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Tag: Mary Elizabeth Summer

Literary Corner: Harvestmen

| September 1, 2018 | 0 Comments
Literary Corner: Harvestmen

There is an old, wooden shed under a mountain of ivy where the harvestmen come and go. The ancient hinges, rusted the color of dried blood, creak when the door is pulled open. The rocky hills echo their groans of protest, causing forest dwellers to perk their ears for a moment before returning to their […]

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Literary Corner: No Caller ID

| August 1, 2018 | 0 Comments
Literary Corner: No Caller ID

Her phone vibrated next to her, its buzzing echoing loudly through the empty warehouse. Late again, as she had been every night this week, preparing for the audit she’d known was coming since the rumored layoffs began. She glanced at her phone quickly. No Caller ID. Not worth the time to answer, then. One more […]

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Literary Corner: Needs Improvement

| July 1, 2018 | 0 Comments
Literary Corner: Needs Improvement

Needs Improvement? What a load of crap. He’d been senior technical specialist at Alynium Engineering for fourteen years. Not once had he gotten a Needs Improvement as his annual review rating. He stared at the offending document on his desk, freshly printed and requiring—no, demanding that he sign it, that he comply with corporate convention […]

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Literary Corner: The Collector

| June 1, 2018 | 0 Comments
Literary Corner: The Collector

“Beautiful, isn’t it?” Carla sidled left, allowing the tweed jacket behind her to move closer to the Strad. “The Spanish Court,” Carla said. “One of only thirteen Stradivarius violas left in the world.” “Are you a collector?” “Unfortunately, no,” Carla answered. Then she noticed the man’s picture next to the plaque that named the viola. […]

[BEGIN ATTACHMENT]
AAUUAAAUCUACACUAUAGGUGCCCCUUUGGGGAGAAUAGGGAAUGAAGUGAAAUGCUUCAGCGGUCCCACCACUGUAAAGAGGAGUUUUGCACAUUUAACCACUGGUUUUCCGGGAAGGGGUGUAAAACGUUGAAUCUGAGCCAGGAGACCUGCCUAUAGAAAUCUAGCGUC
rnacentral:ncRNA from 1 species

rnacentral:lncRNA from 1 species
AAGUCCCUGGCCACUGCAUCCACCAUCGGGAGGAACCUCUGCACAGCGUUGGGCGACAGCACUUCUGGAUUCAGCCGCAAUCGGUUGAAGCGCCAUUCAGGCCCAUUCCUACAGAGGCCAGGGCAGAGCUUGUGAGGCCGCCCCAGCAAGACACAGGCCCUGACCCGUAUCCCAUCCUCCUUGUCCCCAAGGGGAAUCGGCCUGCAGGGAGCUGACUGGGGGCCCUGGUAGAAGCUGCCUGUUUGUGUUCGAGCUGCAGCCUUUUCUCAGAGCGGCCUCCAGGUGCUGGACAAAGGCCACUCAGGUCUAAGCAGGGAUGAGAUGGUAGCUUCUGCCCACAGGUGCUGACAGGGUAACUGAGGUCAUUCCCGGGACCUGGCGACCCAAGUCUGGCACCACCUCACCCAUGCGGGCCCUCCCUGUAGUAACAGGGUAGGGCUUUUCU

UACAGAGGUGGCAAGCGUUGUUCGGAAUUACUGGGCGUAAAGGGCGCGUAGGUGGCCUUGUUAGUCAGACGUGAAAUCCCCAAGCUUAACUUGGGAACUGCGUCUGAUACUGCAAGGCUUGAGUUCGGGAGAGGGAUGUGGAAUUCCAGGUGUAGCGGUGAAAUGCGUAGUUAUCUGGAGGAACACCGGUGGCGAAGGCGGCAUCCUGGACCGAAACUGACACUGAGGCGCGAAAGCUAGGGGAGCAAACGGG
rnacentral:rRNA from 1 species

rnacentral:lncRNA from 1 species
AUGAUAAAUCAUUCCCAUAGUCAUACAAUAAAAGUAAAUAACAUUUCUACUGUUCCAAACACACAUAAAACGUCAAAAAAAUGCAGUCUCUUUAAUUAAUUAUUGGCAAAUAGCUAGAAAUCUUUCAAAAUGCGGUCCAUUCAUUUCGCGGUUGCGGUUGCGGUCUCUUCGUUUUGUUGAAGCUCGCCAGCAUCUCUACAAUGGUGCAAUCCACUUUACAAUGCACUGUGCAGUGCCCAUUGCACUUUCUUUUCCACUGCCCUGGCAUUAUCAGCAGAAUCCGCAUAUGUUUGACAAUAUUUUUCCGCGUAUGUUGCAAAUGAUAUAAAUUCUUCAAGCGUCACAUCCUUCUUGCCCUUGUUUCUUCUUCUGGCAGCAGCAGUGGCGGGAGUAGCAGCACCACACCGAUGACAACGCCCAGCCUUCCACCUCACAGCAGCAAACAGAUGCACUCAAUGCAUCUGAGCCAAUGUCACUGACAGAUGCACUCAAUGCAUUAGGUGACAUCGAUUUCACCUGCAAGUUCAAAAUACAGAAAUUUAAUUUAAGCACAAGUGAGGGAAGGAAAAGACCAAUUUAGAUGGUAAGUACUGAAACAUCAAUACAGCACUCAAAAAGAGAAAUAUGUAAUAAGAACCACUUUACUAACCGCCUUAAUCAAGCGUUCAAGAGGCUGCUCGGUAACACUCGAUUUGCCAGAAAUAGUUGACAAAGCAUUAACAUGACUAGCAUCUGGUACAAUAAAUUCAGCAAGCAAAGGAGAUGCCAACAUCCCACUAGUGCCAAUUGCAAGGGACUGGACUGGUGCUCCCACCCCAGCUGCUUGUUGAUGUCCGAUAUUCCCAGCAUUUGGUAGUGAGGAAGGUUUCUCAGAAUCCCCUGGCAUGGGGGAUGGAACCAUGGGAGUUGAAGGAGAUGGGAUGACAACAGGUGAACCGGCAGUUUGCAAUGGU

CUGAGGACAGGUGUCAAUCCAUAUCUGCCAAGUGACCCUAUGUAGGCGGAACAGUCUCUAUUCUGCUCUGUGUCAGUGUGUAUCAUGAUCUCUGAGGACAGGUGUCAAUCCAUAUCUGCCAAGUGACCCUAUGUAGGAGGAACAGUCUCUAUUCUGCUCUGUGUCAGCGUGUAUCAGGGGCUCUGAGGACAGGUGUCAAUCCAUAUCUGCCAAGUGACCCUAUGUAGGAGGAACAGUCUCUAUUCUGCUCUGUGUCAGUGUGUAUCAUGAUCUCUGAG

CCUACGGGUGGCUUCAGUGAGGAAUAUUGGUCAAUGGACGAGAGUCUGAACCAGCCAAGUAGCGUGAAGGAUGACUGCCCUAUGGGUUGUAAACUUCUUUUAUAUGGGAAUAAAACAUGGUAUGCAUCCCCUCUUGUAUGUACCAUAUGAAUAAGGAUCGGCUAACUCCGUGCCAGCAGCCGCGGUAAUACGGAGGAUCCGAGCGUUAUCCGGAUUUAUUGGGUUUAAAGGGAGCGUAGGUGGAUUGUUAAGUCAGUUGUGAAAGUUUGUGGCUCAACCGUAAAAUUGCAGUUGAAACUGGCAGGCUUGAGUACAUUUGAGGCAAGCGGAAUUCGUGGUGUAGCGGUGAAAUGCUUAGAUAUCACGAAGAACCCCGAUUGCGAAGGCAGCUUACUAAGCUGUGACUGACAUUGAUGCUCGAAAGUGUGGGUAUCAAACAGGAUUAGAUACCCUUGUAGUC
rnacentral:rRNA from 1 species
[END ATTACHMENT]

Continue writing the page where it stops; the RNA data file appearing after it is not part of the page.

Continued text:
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Literary Corner: The Barista

| May 1, 2018 | 0 Comments
Literary Corner: The Barista

“I’d like a triple grande mocha Frappuccino with extra whip, please,” said the girl wearing track pants and a fitted t-shirt with the words “No Probllama” stamped over a picture of a llama with sunglasses. “I like your shirt,” said the barista as he typed in her order. “Thanks,” she said, smiling brightly at him. […]

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Literary Corner: The Lighthouse

| April 1, 2018 | 0 Comments
Literary Corner: The Lighthouse

The lighthouse stood empty on its rocky promontory, looking sightless out over the sea. It had been decades since its beacon had warned sailors of the basalt monsters that crouched beneath the waves along foggy shorelines, waiting for inattentive helmsmen to deliver their pound of flesh. Most of the coastal lighthouses no longer operated, but […]

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Literary Corner Flash Fiction: No Trespassing

| February 1, 2018 | 0 Comments
Literary Corner Flash Fiction: No Trespassing

“Come on, Amber,” Charlie said. “The sign is barely there. If they really wanted to scare us off, they’d have put up an electric fence or razor wire or something.” Amber peered into the brushy undergrowth, but the trees obscured her view. There was a track that led off into the gloom, like Charlie had […]

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Literary Corner: Swipe Right

| January 1, 2018 | 0 Comments
Literary Corner: Swipe Right

He should have known better than to swipe right. He had known better, in fact. The entire time he’d been composing a witty introduction, he’d thought to himself, this is a bad idea, Todd. The post had sounded too good to be true, and so, of course, it was. But it hadn’t had the usual […]

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Literary Corner: Long Winter Nap

| December 1, 2017 | 0 Comments
Literary Corner: Long Winter Nap

Blue and red lights illuminated the underbellies of snow-filled clouds. Fat flakes streaked from sky to pavement, lining Clyde’s ears and nose with cold and wet. He sneezed grouchily from his hiding place beneath the hedge. People rushed in and out of the blue house. He was pleased he’d managed to escape before they’d arrived, […]

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Literary Corner Flash Fiction: Windows

| September 1, 2017 | 0 Comments
Literary Corner Flash Fiction: Windows

“It ain’t the worst job in the world,” he said, pulling his T-bar from his hip bucket and swiping at the window. “Decent hours, decent pay. And you never know what you’re gonna see.” He chuckled and swapped his T-bar for a squeegee. The cage dangled three stories above the ground. He’d been at it […]

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